ARDS – acute respiratory distress syndrome; CO – carbon monoxide poisoning; CPA – cardiopulmonary arrest; ICU – Intensive Care Units; IGE – iatrogenic gas embolism; MV – mechanical ventilation; STI – soft tissue infection

DISCUSSION

The main interest of our work was to present, for the first time and for a large panel of patients, the epidemiology of MV for patients requiring hyperbaric oxygenation treatment. Until this study, we did not know precisely why or how children or adults were ventilated with HBOT.

Which patients need to be ventilated in hyperbaric chambers?

Some patients need MV after certain injuries. In a few experimental cases, MV is the main treatment for conditions such as iatrogenic gas embolism [8]. However, more often, MV is one part of a treatment plan, such as positive inotropic support or antibiotic therapy, for soft tissue infections or CO poisoning. Consequently, MV has to be performed before, during, and after an HBOT session. For the Undersea and Hyperbaric Medical Society (UHMS) and the European Committee for Hyperbaric Medicine (ECHM), HBOT is approved for IGE, DCS, carbon monoxide or cyanide poisoning, smoke inhalation, necrotizing soft tissue infections, crush injuries, compartment syndromes, acute traumatic peripheral ischaemia, enhancement of healing for selected wounds, refractory osteomyelitis and compromised skin flaps or grafts [1, 9]. In this work, we used HBOT for severe diseases, such as IGE, CO poisoning and necrotizing soft tissue infection. We have also used HBOT in 2 cases of severe H2S poisoning in children despite a lack of scientific evidence.

Patient’s preparation

Because of the variations of atmospheric pressure (Boyle-Mariotte law’s stated in the mid – 1600 s that the absolute pressure and volume of a given mass of gas are inversely proportional at a constant temperature) during an HBOT session, saline is used to inflate the endotracheal tube’s (ETT) cuff for intubated patients. We routinely inject saline in the cuff to replace air before compression. Contrary to air or gases, liquids are not compressible during pressure variations, such as during increases (HBOT) or decreases in atmospheric pressure (flying above sea level). Based on our experience, we prefer saline to fill the cuffs, but others liquids can be used. Although saline should not be used to fill balloons of urinary catheters (crystallisation and valve malfunction), its use for ETT’s cuff filling is safe for a few hours. Sterile water should be used cautiously because of its irritating effect laryngotracheally in the case of a cuff rupture. We reported some bronchospasms in such cases [10]. Instead of performing a chest X-ray to look for a pneumothorax before entering a HC, physician should perform a more relevant, non-invasive chest sonography to detect a pneumothorax [11–13].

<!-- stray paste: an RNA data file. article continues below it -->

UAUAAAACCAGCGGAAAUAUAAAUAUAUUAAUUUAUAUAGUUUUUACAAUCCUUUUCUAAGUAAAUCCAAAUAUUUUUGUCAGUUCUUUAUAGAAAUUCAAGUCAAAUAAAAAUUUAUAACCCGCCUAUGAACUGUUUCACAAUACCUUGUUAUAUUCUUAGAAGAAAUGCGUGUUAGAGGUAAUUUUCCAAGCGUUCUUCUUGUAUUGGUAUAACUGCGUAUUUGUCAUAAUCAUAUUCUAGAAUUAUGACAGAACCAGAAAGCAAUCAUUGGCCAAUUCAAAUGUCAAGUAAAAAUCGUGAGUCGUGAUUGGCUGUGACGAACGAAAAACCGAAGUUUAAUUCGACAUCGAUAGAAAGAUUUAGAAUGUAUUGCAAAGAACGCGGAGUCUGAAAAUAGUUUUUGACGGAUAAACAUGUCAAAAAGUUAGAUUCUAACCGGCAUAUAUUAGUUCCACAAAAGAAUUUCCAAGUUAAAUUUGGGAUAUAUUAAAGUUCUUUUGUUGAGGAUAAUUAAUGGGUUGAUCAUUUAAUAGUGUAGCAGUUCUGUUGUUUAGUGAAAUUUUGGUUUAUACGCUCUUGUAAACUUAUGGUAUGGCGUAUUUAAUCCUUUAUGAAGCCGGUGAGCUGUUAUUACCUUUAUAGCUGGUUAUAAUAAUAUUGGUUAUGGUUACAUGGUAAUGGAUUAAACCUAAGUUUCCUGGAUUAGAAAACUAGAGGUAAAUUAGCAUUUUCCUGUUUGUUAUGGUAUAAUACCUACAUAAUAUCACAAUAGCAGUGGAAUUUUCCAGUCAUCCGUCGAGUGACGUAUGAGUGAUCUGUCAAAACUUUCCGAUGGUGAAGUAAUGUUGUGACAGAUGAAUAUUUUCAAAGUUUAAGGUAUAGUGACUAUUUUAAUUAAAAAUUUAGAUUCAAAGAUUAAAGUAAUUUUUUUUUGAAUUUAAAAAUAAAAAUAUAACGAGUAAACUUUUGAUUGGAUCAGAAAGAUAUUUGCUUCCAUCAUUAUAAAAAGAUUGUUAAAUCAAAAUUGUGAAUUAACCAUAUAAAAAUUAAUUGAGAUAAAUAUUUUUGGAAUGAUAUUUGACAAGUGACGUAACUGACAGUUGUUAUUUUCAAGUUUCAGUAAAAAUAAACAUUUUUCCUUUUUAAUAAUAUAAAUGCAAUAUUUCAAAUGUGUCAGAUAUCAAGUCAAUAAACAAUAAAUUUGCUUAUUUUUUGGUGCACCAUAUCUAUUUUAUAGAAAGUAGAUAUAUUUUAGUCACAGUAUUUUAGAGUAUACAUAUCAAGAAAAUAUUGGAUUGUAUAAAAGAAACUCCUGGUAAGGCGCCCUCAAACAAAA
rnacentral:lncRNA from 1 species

Sedation during HBOT

Hyperoxia leads to peripheral vasoconstriction. Consequently, under hyperbaric conditions, parenteral drugs absorption may be different from standard conditions. An intravenous infusion is the best way to administer drugs in a HC. Syringe pumps are available for this specific use [14]. Sedation and analgesia of the intubated patient has to be optimal because of the many constraints that occur during an HBOT session: intra or interhospital transport, shaft handlings, noise, temperature variations (temperature increases during the compression phase, but falls during decompression), otalgia, ventilator tolerance, and postoperative pain surgery (necrotizing soft tissue infection). Usual sedation combining an opioid (fentanyl or sufentanil) with a hypnotic like midazolam or propofol is well adapted for hyperbaric conditions. In this study, 107 (84%) patients received this type of sedation. Although all of the patients received sedation, 18 (14%) were probably wrongly sedated using midazolam, propofol or an antiepileptic drug infused alone. Ketamine, antidepressants and neuroleptics were not used for continuous sedation in the hyperbaric environment. Only 2 children received ketamine during the study period. Halogen gases are avoided in this environment because they depend on a specific vaporizator that may lead to an electrical arc. Finally, neuromuscular blocker use is possible in association with sufficient sedation with the same advantages and disadvantages associated with its use in the ICU [15]. There are neither proven pharmacokinetic nor pharmacodynamic effects due to high pressure until 608 kPa (50 msw depth) for anaesthesia drugs [16].

Care of intubated patient

The compression of the HC and the solitary confinement require attentive supervision of the patient. In the case of a quick ascent, it is almost impossible to take a patient out of the chamber in less than 10 min because of the risk of DCS for both the patient and caregiver. Consequently, patients should be monitored, and their arterial pressure, heart beat and oxygen saturation should be frequently supervised. Moreover, patients seemed to be more and more seriously ill in our facility. MV and positive inotropic support have increased from 17% to 29% and from 7% to 19%, respectively, between 2005 and 2010. The head nurse should look for an asymmetric thoracic expansion during breathing and an absence of subcutaneous emphysema appearance because attentive lung auscultation is unrealistic with such background noise. To limit the hypercapnia risk for the patient, the tidal volume should be checked with the aid of calibrated spirometry or capnography that decreases with compression and is correlated to the PTCCO2 and PaCO2 [17, 18]. Neither Bis-spectral index monitoring nor clinical sedation-agitation scales have yet been evaluated under hyperbaric conditions [19]. After an HBOT session and upon return to the ICU, an ETT cuff will be reinflated with air to avoid saline crystallisation and the risk of cuff rupture.

Complications and side effects of HBOT